Sunday, July 10, 2016

One degree of separation...

I have been waiting for an opportune moment to share this; but I am realizing there will never be one. This world is crazy and fractured, and we have the power to hold each other up or tear each other down...

This documentary hits hard for me. I know it is long for our usual western media attention spans, but these stories are important and so worth the listen.

It starts out in the port of Pireaus, which is where my own journey working with refugees in Greece began, and ventures through many other places (some of which I also visited) and ends with a discussion with siblings Ali and Wisam - friends of mine, that I met in the refugee camp at Idomeni, along the Macedonian border. 

When I met them, they graciously invited me into their home for a drink. I was so honored to be welcomed in, and so impressed with how they had managed to build such an impressively functional community space with so little - and I really do mean build...they had branches and wooden structures to create gates and other sufficiently home-like amenities out of repurposed was pretty cool, even if it was born of necessity. It would have been even cooler if that was just a sweet hangout, and not the home they were stuck dealing with...but Ali said something to me as we talked around the fire that really stuck with me:

We were talking about whether or not it was a good idea to get on one of the buses taking people to new camps, where there could potentially be better conditions and an opportunity to get paperwork through to begin the relocation process. His point was that the people stuck in Idomeni -most of whom had been there for weeks or months - had no reason to trust the authorities (true, misinformation was rampant enouh to be considered the norm), and since no one could even tell them which bus was taking who where (also true, I think because they didn't want to have people start fighting about who went there the drivers were not allowed to tell anyone where they were taking their passengers...I'd be pretty creeped out by that, too!), why on earth would they want to take the risk, when "at least here, we have our family and our friends, we've built a community that we can trust and rely on...why would we ever want to give that up?"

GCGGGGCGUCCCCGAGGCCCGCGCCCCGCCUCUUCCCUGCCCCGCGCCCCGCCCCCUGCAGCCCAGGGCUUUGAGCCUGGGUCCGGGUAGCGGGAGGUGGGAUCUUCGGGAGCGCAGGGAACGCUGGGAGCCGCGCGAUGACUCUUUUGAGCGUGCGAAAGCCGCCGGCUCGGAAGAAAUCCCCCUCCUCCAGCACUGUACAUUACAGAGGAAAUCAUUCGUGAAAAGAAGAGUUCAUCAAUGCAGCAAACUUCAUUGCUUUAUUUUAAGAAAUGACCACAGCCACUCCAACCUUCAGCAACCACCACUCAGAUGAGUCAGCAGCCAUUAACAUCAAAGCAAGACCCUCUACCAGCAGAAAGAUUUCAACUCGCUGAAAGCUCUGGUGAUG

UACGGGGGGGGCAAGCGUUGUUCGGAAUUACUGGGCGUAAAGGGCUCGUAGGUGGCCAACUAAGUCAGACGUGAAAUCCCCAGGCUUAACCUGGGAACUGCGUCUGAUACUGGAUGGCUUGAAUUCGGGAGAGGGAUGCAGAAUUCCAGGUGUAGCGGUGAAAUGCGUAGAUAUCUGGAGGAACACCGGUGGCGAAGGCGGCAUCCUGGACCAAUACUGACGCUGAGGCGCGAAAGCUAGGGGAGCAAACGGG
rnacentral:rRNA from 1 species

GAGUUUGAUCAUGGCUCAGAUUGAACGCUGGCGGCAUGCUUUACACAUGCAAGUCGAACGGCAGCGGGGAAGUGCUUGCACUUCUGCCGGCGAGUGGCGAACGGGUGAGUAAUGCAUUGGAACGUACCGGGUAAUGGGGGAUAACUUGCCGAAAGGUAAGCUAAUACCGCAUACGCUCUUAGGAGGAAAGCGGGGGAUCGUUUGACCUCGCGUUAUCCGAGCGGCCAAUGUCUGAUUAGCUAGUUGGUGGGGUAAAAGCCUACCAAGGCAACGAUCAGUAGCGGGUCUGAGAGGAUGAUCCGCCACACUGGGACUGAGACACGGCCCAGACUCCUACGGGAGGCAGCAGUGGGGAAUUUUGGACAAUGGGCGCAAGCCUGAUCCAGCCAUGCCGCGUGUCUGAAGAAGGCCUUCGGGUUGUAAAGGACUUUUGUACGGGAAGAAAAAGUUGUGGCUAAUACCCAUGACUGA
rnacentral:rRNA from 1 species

The conditions may have been bad, but they had the human connections that make life worth living there, and that would always matter more than having a slightly nicer tent even farther away from their desired destinations.

Take a listen, and if just hearing the stories of unknown individuals is too abstract for you, maybe the fact that, through me, there is only a single degree of separation between you and the very real, very kind, hardworking and intelligent people who are living through this hell will help you to feel the connection.
The only picture I have of Ali and I, along with our friend Christina...the polaroid was part of a project she was working on.
ADDENDUM:  I am not going to mention their current locations in order to protect their safety, but Ali and Wisam have since been separated, and are still working to reunite their family.  The situation is awful, there is a very real potential for them to be prevented from bringing the two separated groups of their family together for at least five years, and the saddest part is that their story is anything but unique in this regard. There has to be a better way to help families escaping crisis than tossing them into a bureaucratic nightmare where they are objectified and left stuck, no way forward and nowhere to go back.